P.S. This weekend, my husband and I are hitting the theater hard. First up, opening night for The Curious Incident of the Dog in the Nighttime in Winchester. I loved the book (I’ve never seen the show), and my co-star from Outside Mullingar is playing the father, hip-hip! And then the next night, we’re going to the opening production of Give Us Good at Silk Moth Stage. Some of our friends are meeting us there, and I’m taking cheese and wine for the pre-show live music/picnic time.

Can’t wait!

This same time, years previous: some big news, has anyone made grape liqueur?, a hernia, hip-hip!, home again, the proper procedure for toweling off after a shower, outside eating, calf wrangling, regretful wishing.


  • Anna C.

    “A Psalm for the Wild-Built” followed by “A Prayer for the Crown-Shy” by Becky Chambers. Ostensibly, these are science fiction novellas, but her writing and character development are so beautiful that the science fiction part is mostly just a framework to hang really thoughtful and introspective explorations of being human.

  • VA

    Tim and I both enjoyed Cloud Cuckoo Land by Anthony Doerr. Highly recommend! At the library, but usually a waitlist. I also loved Jayber Crow.

  • Elva

    Just reading your comments, and I can add that I really loved Jayber Crow too.
    Also, due to your recommendation, I am watching The Bear. The language is a little alarming (I try to save that kind of talk to when I get crushed by a cow or something), but I must say it makes me feel that I am doing a great job managing my farm all by myself when compared to the absolute chaos of that restaurant!!

  • mommychef

    Five Tuesdays in Winter, short stories, by Lily King, I tore through it so maybe get it at the library? A safe bet for me is if Ann Patchett likes it, I will too. Mary Lawson’s books are also excellent. Crow Lake, The Other Side of the Bridge and Road Ends all kind of follow each other (but that’s not 100% essential). A Town Called Solace, her latest, stands alone. Not exactly light reads but GOOD stories.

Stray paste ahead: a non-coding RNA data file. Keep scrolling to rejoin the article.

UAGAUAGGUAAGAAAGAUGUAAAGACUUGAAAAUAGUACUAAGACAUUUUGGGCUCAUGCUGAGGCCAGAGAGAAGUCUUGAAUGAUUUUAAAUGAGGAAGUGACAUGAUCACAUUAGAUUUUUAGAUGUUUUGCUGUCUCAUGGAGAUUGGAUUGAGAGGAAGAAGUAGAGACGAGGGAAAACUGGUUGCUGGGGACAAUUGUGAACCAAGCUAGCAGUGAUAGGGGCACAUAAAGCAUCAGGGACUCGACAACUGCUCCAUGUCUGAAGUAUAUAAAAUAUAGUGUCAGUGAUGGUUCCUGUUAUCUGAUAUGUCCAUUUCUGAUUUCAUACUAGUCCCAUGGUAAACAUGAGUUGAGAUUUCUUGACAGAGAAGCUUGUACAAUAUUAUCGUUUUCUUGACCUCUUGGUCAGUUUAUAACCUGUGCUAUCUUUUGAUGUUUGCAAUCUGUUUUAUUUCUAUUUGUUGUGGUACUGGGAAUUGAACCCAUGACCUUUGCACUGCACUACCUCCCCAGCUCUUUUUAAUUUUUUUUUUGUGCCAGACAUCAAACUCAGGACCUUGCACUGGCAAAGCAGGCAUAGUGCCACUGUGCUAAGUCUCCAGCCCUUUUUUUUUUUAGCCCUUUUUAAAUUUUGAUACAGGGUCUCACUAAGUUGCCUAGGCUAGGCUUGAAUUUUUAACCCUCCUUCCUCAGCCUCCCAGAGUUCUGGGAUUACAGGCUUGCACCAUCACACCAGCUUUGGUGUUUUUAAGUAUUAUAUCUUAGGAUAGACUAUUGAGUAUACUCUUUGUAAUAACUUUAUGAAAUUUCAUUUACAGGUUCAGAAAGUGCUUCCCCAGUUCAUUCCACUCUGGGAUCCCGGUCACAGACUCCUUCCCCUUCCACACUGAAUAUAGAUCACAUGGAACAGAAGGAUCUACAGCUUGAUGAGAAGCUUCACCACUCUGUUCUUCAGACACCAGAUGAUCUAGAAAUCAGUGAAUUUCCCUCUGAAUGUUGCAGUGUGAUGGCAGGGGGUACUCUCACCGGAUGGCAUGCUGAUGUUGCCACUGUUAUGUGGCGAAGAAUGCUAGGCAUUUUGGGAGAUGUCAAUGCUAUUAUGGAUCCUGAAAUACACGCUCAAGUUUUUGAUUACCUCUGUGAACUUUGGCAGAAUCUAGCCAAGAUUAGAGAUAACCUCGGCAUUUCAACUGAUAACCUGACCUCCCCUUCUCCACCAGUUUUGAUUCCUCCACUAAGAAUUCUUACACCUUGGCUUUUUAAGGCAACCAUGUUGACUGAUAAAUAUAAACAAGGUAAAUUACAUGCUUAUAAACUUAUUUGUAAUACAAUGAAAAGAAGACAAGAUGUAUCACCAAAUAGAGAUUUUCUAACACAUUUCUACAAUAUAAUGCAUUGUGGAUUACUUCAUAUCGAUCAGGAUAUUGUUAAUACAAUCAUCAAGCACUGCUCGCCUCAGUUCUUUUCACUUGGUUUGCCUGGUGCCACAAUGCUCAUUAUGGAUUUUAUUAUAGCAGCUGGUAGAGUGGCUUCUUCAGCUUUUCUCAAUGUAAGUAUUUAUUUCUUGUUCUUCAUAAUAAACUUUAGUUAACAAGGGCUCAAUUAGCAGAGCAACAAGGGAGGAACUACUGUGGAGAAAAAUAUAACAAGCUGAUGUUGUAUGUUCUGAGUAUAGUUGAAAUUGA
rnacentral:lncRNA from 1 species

• ccr in MA

    I just read The Change, by Kirsten Miller, and enjoyed the story of women coming into extra powers in menopause, and using them to go after a bad guy (or guys?). Take a look at it!

  • Jenna

    Have you read the Neapolitan Novels by Elena Ferrante? There are four books in the series and the first is called My Brilliant Friend. They deal with female friendships, families, growing older, professional success or wasted talent, and finding your place in the world. The characters feel so real. When the pandemic hit, I was unable to focus on reading for a few months and these are the books that pulled me out.

    I’d also recommend author Naomi Novik’s Spinning Silver and Madeline Miller for both Circe and Song of Achilles

  • Melissa

    I’m currently reading My Antonia out loud to my teens. Beautiful. Just beautiful. Also, I highly recommend Once Upon a Farm by Rory Feek. There are parts that will make you weep ( in a good way). And finally, my all time fav- Jayber Crow by Wendell Barry. Just read it.